It’s the old story that it doesn’t matter who you vote for, the Government always gets in.
Politicians are formally / properly / brutally (select your preferred adverb) held to account by the electorate every four or five years. Moreover, we are also held to account by the press and public, the blogosphere and the political opposition – all of the time.
Think about the following scenario – Party A fails to operate a successful Council, because although their hearts were in the right place, things just didn’t happen and there was underperformance. So Party B takes over that failing local authority by winning an election. . . but then has to deliver its programme through precisely the same team who let down Party A for all those years.
Eric Pickles’ announcement that it will become easier to remove senior town hall officials is to be welcomed. Under the current rules, it is virtually impossible to remove a top official who doesn’t want to move without incurring maybe hundreds of thousands of pounds expenditure either in pursuing a capability procedure or a mutually agreed compensation. Now, anyone wrongly defenestrated should be protected by the existing employment laws that apply to everyone else.
It’s also currently not possible for elected councillors to take any direct capability or disciplinary decisions against those below the second executive tier. This means Members, even the Leader, can only sort things out indirectly via the wisdom, judgement and action of the management team that were supposed to be in charge of a problem situation in the first place.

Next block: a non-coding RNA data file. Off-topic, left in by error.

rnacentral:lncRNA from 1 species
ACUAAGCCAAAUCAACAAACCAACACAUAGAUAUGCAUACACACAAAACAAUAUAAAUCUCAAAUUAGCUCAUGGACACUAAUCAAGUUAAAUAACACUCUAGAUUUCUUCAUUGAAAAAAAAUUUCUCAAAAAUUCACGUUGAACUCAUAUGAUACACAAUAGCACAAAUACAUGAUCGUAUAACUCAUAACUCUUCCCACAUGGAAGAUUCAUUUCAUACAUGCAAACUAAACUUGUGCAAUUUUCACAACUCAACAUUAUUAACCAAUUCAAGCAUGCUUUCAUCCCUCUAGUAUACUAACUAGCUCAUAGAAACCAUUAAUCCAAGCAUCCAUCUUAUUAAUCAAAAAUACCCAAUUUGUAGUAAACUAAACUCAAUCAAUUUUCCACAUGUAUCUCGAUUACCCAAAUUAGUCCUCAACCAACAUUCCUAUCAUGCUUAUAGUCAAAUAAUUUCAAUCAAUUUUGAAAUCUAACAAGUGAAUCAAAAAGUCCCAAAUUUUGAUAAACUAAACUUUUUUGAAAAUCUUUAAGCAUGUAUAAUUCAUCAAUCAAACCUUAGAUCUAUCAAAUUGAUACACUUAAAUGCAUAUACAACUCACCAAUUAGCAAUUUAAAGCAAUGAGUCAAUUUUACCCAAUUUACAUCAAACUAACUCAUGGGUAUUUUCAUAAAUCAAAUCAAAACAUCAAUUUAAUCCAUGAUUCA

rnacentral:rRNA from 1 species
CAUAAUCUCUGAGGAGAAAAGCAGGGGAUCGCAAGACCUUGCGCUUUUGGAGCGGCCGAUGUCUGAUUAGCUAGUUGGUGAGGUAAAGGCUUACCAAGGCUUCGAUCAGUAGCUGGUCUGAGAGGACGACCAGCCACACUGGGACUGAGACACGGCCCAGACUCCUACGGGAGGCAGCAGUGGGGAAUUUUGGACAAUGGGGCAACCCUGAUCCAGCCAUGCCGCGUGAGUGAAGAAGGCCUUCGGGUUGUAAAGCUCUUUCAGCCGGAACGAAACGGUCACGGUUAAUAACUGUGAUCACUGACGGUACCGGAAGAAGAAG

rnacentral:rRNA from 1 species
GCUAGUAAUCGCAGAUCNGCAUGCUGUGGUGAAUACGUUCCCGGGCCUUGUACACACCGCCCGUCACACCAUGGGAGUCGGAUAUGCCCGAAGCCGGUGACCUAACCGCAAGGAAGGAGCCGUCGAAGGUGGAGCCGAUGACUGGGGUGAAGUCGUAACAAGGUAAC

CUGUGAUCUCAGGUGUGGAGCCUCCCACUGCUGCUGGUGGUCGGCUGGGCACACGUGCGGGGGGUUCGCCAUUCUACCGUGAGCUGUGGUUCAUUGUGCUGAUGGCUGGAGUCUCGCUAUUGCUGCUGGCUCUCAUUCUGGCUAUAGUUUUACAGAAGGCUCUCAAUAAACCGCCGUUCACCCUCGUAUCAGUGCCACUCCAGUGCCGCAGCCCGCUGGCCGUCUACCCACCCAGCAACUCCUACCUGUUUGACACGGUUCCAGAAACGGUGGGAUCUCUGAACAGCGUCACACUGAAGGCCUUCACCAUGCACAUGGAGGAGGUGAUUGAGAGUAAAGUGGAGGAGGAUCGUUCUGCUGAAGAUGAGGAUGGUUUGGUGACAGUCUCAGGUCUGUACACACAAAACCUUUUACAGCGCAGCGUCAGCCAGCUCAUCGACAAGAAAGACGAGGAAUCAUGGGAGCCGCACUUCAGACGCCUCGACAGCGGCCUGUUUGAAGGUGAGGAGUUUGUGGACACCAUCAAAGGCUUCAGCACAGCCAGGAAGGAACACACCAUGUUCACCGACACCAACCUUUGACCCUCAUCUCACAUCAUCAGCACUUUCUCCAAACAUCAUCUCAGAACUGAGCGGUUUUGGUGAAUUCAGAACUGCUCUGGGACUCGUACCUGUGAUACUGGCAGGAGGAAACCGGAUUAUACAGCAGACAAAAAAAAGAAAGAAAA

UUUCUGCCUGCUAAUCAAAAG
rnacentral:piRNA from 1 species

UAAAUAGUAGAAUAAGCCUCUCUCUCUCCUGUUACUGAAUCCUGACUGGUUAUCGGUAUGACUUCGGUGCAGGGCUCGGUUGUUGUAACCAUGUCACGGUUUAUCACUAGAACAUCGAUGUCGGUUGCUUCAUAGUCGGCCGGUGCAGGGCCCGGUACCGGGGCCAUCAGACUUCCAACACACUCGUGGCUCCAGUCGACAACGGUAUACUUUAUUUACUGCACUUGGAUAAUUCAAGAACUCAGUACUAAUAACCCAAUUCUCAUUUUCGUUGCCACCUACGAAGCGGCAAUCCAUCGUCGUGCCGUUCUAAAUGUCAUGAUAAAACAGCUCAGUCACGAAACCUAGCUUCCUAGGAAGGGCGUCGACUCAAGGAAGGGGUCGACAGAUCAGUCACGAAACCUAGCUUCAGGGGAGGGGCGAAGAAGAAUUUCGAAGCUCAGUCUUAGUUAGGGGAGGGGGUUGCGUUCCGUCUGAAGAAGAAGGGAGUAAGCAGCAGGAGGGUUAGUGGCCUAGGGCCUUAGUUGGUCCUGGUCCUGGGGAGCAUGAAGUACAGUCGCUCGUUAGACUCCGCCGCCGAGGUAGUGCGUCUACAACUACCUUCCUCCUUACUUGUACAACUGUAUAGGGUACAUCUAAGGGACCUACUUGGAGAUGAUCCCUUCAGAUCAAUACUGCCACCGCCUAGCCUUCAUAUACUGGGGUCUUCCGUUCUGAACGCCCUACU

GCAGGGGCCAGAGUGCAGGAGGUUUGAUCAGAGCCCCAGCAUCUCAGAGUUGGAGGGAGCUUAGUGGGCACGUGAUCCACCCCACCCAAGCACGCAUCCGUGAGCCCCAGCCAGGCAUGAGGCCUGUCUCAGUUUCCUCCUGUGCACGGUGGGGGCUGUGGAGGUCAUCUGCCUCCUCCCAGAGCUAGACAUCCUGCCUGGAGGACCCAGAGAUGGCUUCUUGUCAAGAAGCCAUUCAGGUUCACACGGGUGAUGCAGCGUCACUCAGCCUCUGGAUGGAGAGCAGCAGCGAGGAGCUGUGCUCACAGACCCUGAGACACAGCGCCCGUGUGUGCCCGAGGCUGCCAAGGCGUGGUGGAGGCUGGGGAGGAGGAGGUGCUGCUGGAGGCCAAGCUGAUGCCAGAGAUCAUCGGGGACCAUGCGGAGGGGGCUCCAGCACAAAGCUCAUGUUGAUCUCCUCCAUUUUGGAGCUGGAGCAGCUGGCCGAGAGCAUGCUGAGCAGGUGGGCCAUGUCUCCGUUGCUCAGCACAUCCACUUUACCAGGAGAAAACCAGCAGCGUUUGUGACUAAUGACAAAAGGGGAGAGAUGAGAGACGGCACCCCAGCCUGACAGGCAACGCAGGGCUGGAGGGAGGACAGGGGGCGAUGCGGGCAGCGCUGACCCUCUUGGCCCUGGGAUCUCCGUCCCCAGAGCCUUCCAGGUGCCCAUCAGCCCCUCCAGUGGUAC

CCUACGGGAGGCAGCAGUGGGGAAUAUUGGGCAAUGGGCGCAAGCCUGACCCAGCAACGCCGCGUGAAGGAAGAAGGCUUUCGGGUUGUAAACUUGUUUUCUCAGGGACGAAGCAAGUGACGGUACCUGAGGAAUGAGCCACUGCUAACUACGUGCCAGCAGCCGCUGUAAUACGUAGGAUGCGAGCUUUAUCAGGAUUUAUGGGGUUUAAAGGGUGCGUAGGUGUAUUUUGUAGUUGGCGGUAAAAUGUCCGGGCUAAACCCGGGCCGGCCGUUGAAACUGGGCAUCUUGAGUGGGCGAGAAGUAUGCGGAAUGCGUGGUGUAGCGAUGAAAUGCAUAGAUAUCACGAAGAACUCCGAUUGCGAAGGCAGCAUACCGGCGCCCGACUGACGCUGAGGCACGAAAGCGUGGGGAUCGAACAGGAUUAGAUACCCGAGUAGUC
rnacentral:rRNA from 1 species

On a related topic, I welcome the announcement by Francis Maude that senior Whitehall officials will be given publicly available targets and priorities; this is also a move in the right direction. Huge amounts of money are spent by Government in various ways, and it is a standing joke that any official found wanting are promoted out of harm’s way before blame canbe attached to the lack of a successful outcome to matters under their control.
I remember opposing a project that was being promoted by a (now former) civil servant for various reasons. It was reported back to me stopping this project was unhelpful, because politicians just come and go, but the civil service has to keep going and deliver services regardless of whoever’s been elected or appointed … something out of Yes Minister!
In local government, as in all enterprises private and public, there is inevitably going to be a wide variety of performance from employees. Many are fantastic, delivering great service and outcomes to the public. Yet some are just not competent, but continue in employment for years. The weakest 10% “on probation” approach suggested by Francis Maude should start to address this in Whitehall.
So, let’s develop our ambition for a “fleet of foot” civil service a bit further – by implementing a system which ties the appointments of senior officials to the electoral cycle.
This wouldn’t politicise the civil service – rather, it would just make it more responsive to work for the outcomes sought by whoever happens to be in charge, of whatever political colour.
And if there’s a change of power, the high performing folk will be retained, or promoted.
Anything else – well, the electorate have spoken.